Penalty in absence of regular departmental inquiry is arbitrary, abuse of power: HC

 J&K High Court, Srinagar
J&K High Court, SrinagarMubashir Khan/GK File

Srinagar: While quashing an order withholding promotion to an official of J&K Board of School Education, High Court of J&K and Ladakh has held that the penalty imposed on him in absence of a departmental “regular enquiry” was arbitrary and abuse of the power.

The order debarring the petitioner, a senior assistant, from any further promotion for a period of two years with effect from the date he became eligible for the next promotion, was passed on 28 July 2009 by the Secretary J&K State Board of School Education Srinagar. The penalty so imposed on the offical was for dereliction of his duty.

“The enquiry which was held in the matter was a preliminary enquiry which is always done in the cases of such incidents to find out who was responsible for the same,” a bench of Justice M. A. Chowdhary said.

While the court underlined that the “findings reached by the enquiry committee, as a result of the preliminary enquiry, cannot be said to be findings made against the petitioner in a departmental enquiry initiated against him for alleged negligence of duty or violation of the statutory rules, it said: “The authorities concerned took the view that the departmental enquiry into the incident was enough but that clearly is not right.” With regard to the departmental enquiry, the court said, nobody is accused of negligence or dereliction of duty. “It is a kind of investigation made by the department under statutory rules.”

The purpose behind holding preliminary enquiry, the court said, was only to take prima facie view as to whether there can be some substance in the allegations made against an employee, which may warrant regular enquiry.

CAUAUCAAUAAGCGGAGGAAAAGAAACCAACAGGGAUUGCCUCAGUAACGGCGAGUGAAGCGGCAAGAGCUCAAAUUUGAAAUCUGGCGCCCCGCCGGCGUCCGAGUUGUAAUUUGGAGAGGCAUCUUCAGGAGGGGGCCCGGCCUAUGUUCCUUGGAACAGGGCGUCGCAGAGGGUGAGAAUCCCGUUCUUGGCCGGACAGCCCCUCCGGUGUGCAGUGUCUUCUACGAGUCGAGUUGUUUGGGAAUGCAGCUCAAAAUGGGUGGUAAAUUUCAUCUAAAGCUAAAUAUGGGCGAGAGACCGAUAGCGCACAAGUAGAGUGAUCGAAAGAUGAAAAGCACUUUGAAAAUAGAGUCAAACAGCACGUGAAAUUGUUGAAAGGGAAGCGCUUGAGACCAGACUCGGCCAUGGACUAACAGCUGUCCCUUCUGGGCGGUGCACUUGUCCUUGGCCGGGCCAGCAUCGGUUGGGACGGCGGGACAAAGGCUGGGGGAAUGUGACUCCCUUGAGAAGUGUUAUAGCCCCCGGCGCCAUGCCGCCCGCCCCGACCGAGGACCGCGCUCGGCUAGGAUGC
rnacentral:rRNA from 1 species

The Court pointed out that the “evidence recorded in the preliminary enquiry cannot be used in regular departmental enquiry, as the delinquent is not associated with it and opportunity to cross examine the persons examined in such enquiry is not given.”

While the court said the inquiry cannot be conducted with a closed mind, it said the enquiry officer has to be unbiased.

“The rules of natural justice are required to be observed to ensure not only that justice is done but it is manifestly seen to be done”.

Underscoring that the object of rules of natural justice is to ensure that a government servant is treated fairly in proceedings which may culminate in imposition of punishment, the court said: “Holding departmental proceedings and recording finding of guilt against any delinquent and imposing punishment for the same, is quasi-judicial function and not administrative function.”

The Court came to the conclusion that the penalty of withholding promotion of the petitioner was “arbitrary” and “not sustainable” for the reason that no departmental regular enquiry was conducted into his alleged misconduct.

The Court pointed out that the petitioner was stated to have superannuated and there was no question of conducting any enquiry against him at this stage.

“The penalty imposed on the petitioner in absence of being held guilty in regular enquiry is the abuse of power by the respondents (JKBOSE) and this arbitrary action on the part of the respondents cannot be upheld,” the court said.

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